United States District Court, W.D. Virginia, Roanoke Division
ELIZABETH K. DILLON UNITED STATES DISTRICT JUDGE
Gorham, Jr., a Virginia inmate proceeding pro se,
filed a civil rights action pursuant to 42 U.S.C. §
1983, alleging, inter alia, that Officer Austin
O'Quinn used excessive force against him and Lt.
Christopher Gilbert subjected him to cruel and unusual living
conditions by placing him in another cell contaminated with
OC spray. A bench trial was held on May 2-3, 2017,
and at the conclusion of trial and for the reasons stated on
the record, the court granted Lt. Gilbert's motion for
judgment as a matter of law as to the living conditions
claim. See Dkt. No. 95. Accordingly, as to that
claim, the court will enter judgment in favor of Lt. Gilbert,
and only Mr. Gorham's excessive force claim against
Officer O'Quinn remains.
the bench trial, all parties presented evidence and argument.
Mr. Gorham called inmates Kelvin Canada, Peter Mukuria, and
Deshawn Kelly, as well as Red Onion State Prison (Red Onion)
Operations Manager Sherry Shortridge and Correctional Officer
Adam Mullins. Mr. Gorham also testified on his own behalf.
The defendants called current and former Red Onion employees
Brian Owens (a former correctional officer), Nurse Patricia
Adams, Officer Mark Mullins, Officer Kevin Eldridge,
Grievance Coordinator Jennifer Messer, and defendants
Correctional Officer O'Quinn and Lt. Christopher Gilbert.
on the evidence presented at trial, the court issues this
memorandum opinion, which constitutes its findings of fact
and conclusions of law pursuant to Federal Rule of Civil
Procedure 52(a). For the reasons stated herein, the court
will enter judgment in favor of Mr. Gorham and against
Officer O'Quinn and will award Mr. Gorham $2, 000 in
Standard of Review
52(a)(1) of the Federal Rules of Civil Procedure requires
that the court make specific findings of fact and state
conclusions of law separately in any action tried without a
jury. Specifically, the trial judge must appraise the
testimony and demeanor of witnesses, as well as weigh the
evidence and choose among conflicting inferences and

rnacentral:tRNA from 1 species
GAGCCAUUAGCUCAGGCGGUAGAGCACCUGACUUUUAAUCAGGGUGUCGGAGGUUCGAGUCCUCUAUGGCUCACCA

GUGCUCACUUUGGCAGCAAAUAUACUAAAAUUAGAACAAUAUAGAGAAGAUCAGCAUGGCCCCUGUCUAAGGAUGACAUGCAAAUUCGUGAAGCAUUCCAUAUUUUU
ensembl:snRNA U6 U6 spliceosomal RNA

conclusions that seem most reasonable. See Burgess v
Farrell Lines, Inc., 335 F.2d 885, 889-90 (4th Cir.
1964). In this regard, the trial court has a unique
opportunity to evaluate the credibility of witnesses and
weigh the evidence accordingly. See Johnson v. SmithKline
Beecham Corp., 724 F.3d 337, 345 (3d Cir. 2013) (citing
Inwood Labs. v. Ives Labs., 456 U.S. 844, 855
(1982)). The trial judge has the inherent right to disregard
testimony of any witness when satisfied that the witness is
not telling the truth or the testimony is inherently
improbable due to inaccuracy, uncertainty, interest, or bias.
Id. (citation and internal quotation marks omitted);
see Columbus-Am. Discovery Grp. v. Atl. Mut. Ins.
Co., 56 F.3d 556, 567 (4th Cir. 1995) (internal
quotation omitted) (stating that the factfinder is in a
better position to make judgments about the reliability of
some forms of evidence, including evaluation of the
credibility of witnesses).
court must do more than announce statements of ultimate fact,
United States ex rel. Belcon, Inc. v. Sherman Constr.
Co., 800 F.2d 1321, 1324 (4th Cir. 1986), but is not
required “to make findings on all facts presented or to
make detailed evidentiary findings . . . . The ultimate test
as to the adequacy of the findings will always be whether
they are sufficiently comprehensive and pertinent to the
issues to provide a basis for decision and whether they are